The holidays are here – and unfortunately stains are inevitable! Whether it is on your tablecloth, carpet or clothing there are ways to get those stains out!
Follow these simple tips to fight stains with common household.
- Check laundry for stains before washing. Many stains need pretreatment.
- Take care of stains promptly. Fresh stains are much easier to remove than those over 24 hours old.
- Blot up any excess liquid with a clean white cloth or paper towel.
- Avoid rubbing. Blot gently to avoid damaging the fabric, taking the color out, spreading the stain.
- Check colorfastness. Test stain treatment in an inconspicuous spot to ensure it won’t remove the color.
- Inspect wet laundry before drying to be sure a stain has been removed. If a stain is still evident, do not dryer dry. The heat of drying sets the stain making it more permanent.
- Be patient! Give any product or procedure used time to work. Further, some stains may require multiple treatments to remove.
- Appropriately treat the stain based on its type. Different stains require different treatment to remove and prevent setting.
- Protein Stains. This includes blood, milk, mud, baby formula, vomit, feces.
Use COLD water! Never use hot water first since it will make the stain more difficult to remove or may set the stain. Fresh stains can be removed by soaking or agitating in cold water. After soaking in cold water, the item can then be washed in warm water with detergent. If the stain is not removed try soaking again
2. Oil Based Stains. This includes butter, bacon fat, mayonnaise, automotive oil, collar stains.
Pretreat the stain with a commercial stain removal product, liquid laundry detergent or liquid dish soap. Wash in water as hot as the item will tolerate, with detergent.
3. Tannin Stains. This includes berries, coffee, tea, fruit juice, alcoholic beverages.
Do not use natural soap (usually found in bar and flake form or detergents containing natural soap). Natural soaps make tannin stains more difficult to remove. Fresh stain can be washed with detergent in hot water, if safe for the fabric.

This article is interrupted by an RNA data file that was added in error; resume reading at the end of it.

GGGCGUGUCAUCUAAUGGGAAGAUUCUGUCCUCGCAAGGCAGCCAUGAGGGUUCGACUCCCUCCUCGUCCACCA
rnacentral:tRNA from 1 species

4. Dye Stains. This includes Kool-Aid, mustard, dye transfer (from bleeding in the washer), grass, felt tip pens.
These can be difficult to remove. First pretreat the stain with detergent and then rinse thoroughly. Try soaking in a dilute solution of all-fabric powdered color safe bleach. Try fresh bleach if the garment is white. If using bleach on a white item the stain should come out within 15 minutes if the bleach is fresh. Bleaching for a longer time may weaken the fabric. Then wash in water as hot as the item will tolerate with detergent.
5. Combination Stains. This includes gravy, ketchup, makeup, candle wax, ballpoint ink.
Remove the oily/waxy portion first by treating with a dry cleaning solvent or stain stick and rinsing the spot in hot water in your sink. Then rub in liquid laundry detergent on the spot before washing.
If you don’t know what the stain is, treat with cold water first. Then follow up with a commercial stain remover and wash as directed on the fabric label. Always follow the label directions on any commercial stain remover used. Give the product time to work ; if directions say to leave on no longer than 10 minutes, be ready to rinse or wash it within that time frame.
Don’t be discouraged if you have a spill over the holidays. Use the above tips to help you remove unwanted stains. For additional stain removal help, use our Quick and Easy Stain Removal Guide or Stain Solutions from the University of Illinois Extension which were both used to provide these great stain removal tips.
And as always, if you need additional help, give us a call at AnswerLine! We are here to help!